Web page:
The ultimate message: Asian is bad, your face is worse. For many years – and even up until this point – I despised having my photo taken in profile; it only enhanced my face’s flatness, drawing a thick line between myself and the pristine profile shots of White-girl models in glossy teen magazines. At one point, my mother suggested a nose job once I got older, informing me that I lack a bridge, a feature fixable via plastic surgery.

sam-manns-358058 (1)
Photo by Sam Manns on Unsplash

Later, the Internet led me to articles on ethnic plastic surgery, a medical phenomenon brought on by both a wealth of disposable income and a plethora of Western values. When I shared this tidbit with friends and family, they were rightly horrified but the depth of their reactions tempered by their lack of lived experience within a non-White body.

Through my research and my chats with others, I’ve inferred that being raised in an ethnically diverse community makes a significant difference, and I would agree only based on my current adult experience. No one bats an eye at my mixed family or son when we go to the Asian food market or walk the streets of Philadelphia; this isn’t saying that our appearances don’t raise eyebrows for some – I’m not naïve – but the likelihood of us eliciting some type of exotic wow response by the majority of acquaintances is much lower.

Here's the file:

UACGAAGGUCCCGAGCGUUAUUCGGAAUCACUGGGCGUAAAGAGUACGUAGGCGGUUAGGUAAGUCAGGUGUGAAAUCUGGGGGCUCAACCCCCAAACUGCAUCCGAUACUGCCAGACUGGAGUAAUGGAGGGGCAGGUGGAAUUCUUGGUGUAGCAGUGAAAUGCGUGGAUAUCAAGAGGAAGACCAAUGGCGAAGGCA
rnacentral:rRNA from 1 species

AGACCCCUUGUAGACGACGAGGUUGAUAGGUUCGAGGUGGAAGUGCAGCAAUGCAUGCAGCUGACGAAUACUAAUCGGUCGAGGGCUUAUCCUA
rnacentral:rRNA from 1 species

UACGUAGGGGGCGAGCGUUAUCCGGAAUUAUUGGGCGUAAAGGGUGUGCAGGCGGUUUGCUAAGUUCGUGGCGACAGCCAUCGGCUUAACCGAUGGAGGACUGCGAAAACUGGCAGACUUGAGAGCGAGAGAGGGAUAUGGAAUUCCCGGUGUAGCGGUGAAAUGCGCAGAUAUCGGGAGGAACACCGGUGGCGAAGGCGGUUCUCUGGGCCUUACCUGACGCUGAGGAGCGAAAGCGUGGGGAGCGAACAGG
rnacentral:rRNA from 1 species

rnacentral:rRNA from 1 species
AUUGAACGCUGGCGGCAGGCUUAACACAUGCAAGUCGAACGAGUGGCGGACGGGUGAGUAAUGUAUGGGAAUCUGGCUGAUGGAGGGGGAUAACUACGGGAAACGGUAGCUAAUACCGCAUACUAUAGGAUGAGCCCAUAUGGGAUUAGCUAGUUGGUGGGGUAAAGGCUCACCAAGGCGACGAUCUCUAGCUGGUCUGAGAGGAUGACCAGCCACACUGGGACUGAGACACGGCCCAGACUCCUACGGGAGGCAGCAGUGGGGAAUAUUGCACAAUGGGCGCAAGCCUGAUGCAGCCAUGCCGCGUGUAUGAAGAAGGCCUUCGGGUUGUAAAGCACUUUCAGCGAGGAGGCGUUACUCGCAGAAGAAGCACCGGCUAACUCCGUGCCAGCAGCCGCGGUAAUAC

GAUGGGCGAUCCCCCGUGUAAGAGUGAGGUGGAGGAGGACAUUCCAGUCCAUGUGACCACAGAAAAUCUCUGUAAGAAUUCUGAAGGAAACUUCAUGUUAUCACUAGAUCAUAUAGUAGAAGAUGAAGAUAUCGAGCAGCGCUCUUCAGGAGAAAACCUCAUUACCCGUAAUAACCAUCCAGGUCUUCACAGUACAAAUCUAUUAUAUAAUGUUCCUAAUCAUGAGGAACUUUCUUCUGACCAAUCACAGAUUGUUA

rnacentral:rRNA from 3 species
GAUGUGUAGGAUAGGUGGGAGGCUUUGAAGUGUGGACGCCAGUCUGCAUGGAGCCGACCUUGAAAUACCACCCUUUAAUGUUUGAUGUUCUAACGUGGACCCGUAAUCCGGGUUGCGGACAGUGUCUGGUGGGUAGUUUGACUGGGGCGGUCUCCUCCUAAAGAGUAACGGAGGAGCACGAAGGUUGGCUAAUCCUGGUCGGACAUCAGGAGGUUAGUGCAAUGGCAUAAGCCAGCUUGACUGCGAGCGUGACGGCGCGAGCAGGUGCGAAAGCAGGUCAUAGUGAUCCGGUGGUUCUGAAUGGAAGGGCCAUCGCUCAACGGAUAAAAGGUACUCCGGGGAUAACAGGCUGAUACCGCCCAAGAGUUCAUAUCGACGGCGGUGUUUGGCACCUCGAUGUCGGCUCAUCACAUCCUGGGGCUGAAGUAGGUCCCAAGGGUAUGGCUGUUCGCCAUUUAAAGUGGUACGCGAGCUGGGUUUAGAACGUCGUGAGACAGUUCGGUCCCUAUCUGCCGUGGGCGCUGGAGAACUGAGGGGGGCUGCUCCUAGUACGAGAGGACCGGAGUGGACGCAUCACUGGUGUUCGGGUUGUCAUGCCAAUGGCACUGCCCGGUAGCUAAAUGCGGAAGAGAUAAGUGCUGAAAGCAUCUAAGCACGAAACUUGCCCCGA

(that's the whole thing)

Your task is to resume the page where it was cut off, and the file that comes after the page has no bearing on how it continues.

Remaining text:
One of the most humiliating experiences I ever had – well, one of the top ten anyway – was when my mom took me to the make-up counter in our local mall. Keep in mind that I lived in a White non-diversified area, where Italian was considered foreign cuisine. She intended to get me a prom-makeover. The counter girl undoubtedly lacked experience applying eyeliner, eyeshadow, and foundation to an Asian palette; without double eyelids and with yellow-toned skin, I came away looking like I got punched in the eye and subsequently spent a week recovering in the hospital.